In this four-part series, a Pinellas County construction attorney is discussing high-tech ways that construction companies can control, monitor, and track their construction equipment. In the first and second sections, we covered some time-tested ways you can deter thieves as well as some emerging methods like GPS tracking technology. In this section, we will feature a similar technology in radio-frequency identification (RFID) technology.
RFID technology is similar to the barcode you see on products you buy at the store; however, the smart labels that are part of this technology do not need to be scanned directly. Utilizing a RFID reader, they can convert “radio waves to a more usable form of data.” Once this information is collected from the smart label, it can be “transferred through a communications interface to a host computer system.” This technology is being utilized in agriculture for cattle monitoring, in manufacturing for locating supplies and delivery, and in construction for both equipment tracking and recordkeeping for tools and supplies.
One issue with construction sites is that the equipment keys are often cut the exact same way. The one key fits all system does make it easier for construction professionals to start their equipment and operate it; however, there are many drawbacks. For example, if someone were to accidentally leave one key out over the weekend, an intruder could access any piece of equipment of the product line. Many thieves also buy duplicate keys online, so they come to the jobsite prepared.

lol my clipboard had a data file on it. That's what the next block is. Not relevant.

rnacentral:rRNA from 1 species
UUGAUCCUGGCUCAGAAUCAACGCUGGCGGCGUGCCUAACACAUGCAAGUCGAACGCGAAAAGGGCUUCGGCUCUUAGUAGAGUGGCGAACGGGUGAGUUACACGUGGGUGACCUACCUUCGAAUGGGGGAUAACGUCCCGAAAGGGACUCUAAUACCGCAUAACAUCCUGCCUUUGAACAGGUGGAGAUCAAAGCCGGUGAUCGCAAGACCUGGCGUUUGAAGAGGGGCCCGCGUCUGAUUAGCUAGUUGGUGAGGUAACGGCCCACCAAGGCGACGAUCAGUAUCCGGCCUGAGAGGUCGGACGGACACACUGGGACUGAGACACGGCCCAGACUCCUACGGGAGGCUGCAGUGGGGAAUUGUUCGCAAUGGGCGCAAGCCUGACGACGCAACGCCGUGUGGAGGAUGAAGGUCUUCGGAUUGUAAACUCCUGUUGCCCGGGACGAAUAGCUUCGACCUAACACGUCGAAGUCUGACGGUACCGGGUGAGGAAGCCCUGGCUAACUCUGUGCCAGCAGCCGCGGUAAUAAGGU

As technology advances, sticking a key in an ignition will become a thing of the past. Keyless ignition systems require a PIN instead of a key to operate the machinery. Owners have the control to change the PIN whenever they need to, so the only people able to operate the equipment are those that were informed of the new code. This technology also prevents the equipment from being hot wired, so the only way the equipment can be operated is if the person is aware of the PIN.
For more information about anti-theft tracking technology in the construction industry, please read section four.
Disclaimer: The information contained in this article is for general educational information only. This information does not constitute legal advice, is not intended to constitute legal advice, nor should it be relied upon as legal advice for your specific factual pattern or situation.